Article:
Getting Involved in Archaeology

There is no one particular path into archaeology, but if you are interested in learning about the different areas of work then best thing to do is try to get involved with a few things as a volunteer. The links here should help you find some good places to get started. 

At the Suffolk County Council Archaeological Service we are always happy to hear from prospective volunteers, so please contact us using this form. Let us know something about yourself, the kinds of things you are interested in and when you are likely to be available. We would prefer it if you were able to give us a block of time or a regular recurring day, so that we can provide you with training and structure your work accordingly, but would be happy to talk about whatever you feel able to offer.

If you are a GCSE, A' Level or university student and would like to undertake a work experience placement with us we would be very pleased to hear from you. In the past we have hosted placements ranging from a few days to several months, so get in touch and we can talk about the possibilities. 

If you want to get involved in the wider world of archaeology, the main organisation for archaeology in the UK is the Council for British Archaeology (CBA). You’ll find loads of information and advice on their webpages about getting involved, training, careers and so on. They publish British Archaeology magazine, which is well worth reading, and a Briefing which features details of lots of fieldwork opportunities which come up nationwide. There is an East Anglian branch of the CBA, CBA East, which organises meetings and events throughout the region. There are a number of online guides to getting started in archaeology, including that hosted by Current Archaeology magazine.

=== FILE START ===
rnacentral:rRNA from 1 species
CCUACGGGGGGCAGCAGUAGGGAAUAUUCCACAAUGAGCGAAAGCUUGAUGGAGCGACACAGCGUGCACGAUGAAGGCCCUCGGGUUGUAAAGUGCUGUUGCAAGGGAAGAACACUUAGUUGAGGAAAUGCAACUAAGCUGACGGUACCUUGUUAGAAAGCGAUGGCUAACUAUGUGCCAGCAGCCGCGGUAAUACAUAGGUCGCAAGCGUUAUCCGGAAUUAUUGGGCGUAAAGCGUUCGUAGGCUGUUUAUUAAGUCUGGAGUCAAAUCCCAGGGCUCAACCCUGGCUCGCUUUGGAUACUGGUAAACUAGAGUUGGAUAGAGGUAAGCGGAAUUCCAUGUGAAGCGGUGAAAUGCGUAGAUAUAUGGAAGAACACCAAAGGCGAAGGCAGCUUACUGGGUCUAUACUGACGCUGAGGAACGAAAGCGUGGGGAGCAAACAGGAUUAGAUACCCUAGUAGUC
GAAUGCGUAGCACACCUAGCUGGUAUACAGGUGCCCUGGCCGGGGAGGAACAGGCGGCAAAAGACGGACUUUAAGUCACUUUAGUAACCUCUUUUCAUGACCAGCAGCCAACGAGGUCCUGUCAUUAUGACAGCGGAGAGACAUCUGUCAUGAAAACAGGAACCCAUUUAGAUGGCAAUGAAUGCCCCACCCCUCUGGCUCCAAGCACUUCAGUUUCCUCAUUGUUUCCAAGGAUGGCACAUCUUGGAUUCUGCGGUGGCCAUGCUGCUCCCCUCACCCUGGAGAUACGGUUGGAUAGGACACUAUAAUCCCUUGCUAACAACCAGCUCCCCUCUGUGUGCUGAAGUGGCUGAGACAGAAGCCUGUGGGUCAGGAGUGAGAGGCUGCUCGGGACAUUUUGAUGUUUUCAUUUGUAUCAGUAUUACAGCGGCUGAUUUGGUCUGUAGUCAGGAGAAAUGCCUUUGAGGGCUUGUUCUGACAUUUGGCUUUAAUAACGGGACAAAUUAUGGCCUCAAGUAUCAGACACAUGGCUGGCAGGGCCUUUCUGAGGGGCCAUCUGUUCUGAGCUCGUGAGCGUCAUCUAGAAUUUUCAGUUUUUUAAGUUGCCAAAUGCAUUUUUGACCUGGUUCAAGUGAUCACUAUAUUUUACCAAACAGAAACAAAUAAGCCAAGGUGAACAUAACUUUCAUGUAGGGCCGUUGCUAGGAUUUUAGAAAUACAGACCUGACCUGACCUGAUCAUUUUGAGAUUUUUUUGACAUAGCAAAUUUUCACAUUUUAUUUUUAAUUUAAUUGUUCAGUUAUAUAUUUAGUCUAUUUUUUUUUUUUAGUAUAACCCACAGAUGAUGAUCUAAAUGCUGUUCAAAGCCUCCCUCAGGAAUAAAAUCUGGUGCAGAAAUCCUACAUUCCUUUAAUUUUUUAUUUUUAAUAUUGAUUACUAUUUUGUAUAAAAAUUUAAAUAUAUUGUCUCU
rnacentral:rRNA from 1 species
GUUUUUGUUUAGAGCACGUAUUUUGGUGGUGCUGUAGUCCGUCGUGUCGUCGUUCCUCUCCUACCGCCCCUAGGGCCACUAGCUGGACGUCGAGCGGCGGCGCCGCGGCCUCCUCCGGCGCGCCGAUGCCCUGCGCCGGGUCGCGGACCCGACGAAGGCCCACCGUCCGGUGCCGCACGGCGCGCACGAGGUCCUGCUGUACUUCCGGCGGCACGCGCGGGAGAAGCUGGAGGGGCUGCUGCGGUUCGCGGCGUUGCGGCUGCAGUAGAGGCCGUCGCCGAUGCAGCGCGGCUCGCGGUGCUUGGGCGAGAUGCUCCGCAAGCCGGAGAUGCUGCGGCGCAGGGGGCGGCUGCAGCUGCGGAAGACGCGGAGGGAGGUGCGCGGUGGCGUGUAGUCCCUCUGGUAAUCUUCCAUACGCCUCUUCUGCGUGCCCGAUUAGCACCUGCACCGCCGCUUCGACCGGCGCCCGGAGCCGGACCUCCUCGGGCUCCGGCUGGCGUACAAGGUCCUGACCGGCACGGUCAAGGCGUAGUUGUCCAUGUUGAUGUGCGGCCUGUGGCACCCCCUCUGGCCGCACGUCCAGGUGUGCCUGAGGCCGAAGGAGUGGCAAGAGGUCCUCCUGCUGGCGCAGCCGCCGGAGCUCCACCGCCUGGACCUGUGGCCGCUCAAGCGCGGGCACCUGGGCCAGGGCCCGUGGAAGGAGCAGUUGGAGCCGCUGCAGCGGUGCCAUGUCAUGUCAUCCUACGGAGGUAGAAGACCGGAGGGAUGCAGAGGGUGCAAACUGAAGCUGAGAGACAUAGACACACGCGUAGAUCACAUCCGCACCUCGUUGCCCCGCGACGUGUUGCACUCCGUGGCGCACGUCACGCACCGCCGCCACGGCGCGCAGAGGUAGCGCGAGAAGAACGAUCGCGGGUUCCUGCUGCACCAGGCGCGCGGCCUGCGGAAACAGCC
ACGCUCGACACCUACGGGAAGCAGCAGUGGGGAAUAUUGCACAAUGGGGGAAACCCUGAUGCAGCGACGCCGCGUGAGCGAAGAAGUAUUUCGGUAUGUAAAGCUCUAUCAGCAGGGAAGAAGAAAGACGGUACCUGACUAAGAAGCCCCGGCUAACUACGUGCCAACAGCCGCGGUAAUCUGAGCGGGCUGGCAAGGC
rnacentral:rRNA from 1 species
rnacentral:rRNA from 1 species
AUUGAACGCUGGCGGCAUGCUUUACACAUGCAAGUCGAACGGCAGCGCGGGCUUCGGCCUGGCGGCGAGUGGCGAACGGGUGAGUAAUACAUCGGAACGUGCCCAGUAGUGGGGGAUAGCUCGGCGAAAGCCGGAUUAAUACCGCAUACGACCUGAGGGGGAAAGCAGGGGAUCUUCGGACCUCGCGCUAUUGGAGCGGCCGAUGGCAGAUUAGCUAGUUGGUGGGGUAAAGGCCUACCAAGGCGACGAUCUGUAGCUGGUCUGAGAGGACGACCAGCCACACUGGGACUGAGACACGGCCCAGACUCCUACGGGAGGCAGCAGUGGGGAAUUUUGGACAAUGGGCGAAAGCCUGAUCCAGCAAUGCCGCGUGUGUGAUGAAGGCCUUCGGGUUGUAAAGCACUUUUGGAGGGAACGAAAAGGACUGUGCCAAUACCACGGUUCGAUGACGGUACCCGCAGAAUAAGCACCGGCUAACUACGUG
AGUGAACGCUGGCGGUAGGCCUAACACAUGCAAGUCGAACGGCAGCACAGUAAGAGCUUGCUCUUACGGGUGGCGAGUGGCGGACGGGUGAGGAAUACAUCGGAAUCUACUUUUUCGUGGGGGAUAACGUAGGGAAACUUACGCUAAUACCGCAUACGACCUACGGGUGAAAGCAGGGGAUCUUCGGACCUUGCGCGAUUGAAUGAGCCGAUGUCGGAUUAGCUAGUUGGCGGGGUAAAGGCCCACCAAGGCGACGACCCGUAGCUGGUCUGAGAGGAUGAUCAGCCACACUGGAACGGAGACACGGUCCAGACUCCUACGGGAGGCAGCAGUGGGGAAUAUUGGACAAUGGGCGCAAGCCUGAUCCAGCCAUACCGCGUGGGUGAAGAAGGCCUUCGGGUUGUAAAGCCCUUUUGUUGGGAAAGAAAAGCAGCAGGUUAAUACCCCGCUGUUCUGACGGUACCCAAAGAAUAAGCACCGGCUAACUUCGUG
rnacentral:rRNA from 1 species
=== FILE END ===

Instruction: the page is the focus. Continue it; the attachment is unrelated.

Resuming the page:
Within East Anglia then there are a number of voluntary groups you could get involved with, some of which charge a small membership fee. The main Suffolk group is the Suffolk Institute of Archaeology and History, who run lectures, publish newsletters and a journal, and who also have their own very active Field Group. Anyone wishing to get involved in voluntary field projects would be wise to contact them. The main Norfolk groups equivalent is the Norfolk and Norwich Archaeological Society, who also run lectures and publish a journal, while the Norfolk Historical and Archaeological Research Group take a more hands-on approach to the subject. Again, both societies welcome volunteers. Other particularly active societies are the Waveney Valley Archaeology Group and Stour Valley Community Archaeology, both of whom welcome volunteers, and links to other local groups and societies can be found on our Links page.

If you are after fieldwork experience and training, the Sedgeford Historical and Archaeological Research Project has been running an archaeological field school and research excavation in north-west Norfolk for over twenty years now. They run courses throughout the summer and engage in other archaeological activities during the rest of the year, and many professional archaeologists have taken some of their crucial first steps at Sedgeford.

Once you have a bit of experience, it may be possible to gain voluntary work with one of the many commercial archaeological units which operate in the region. Details of many of these can be found on the Chartered Institute for Archaeologists' website.

Archaeology jobs and advice tend to be advertised on the British Archaeology Jobs Resource, where you can also find lots of additional guidance and advice. More professionally focussed advice and guidance on archaeology can be found on the website for the Chartered Institute for Archaeologists, which is the main professional body for archaeologists. 

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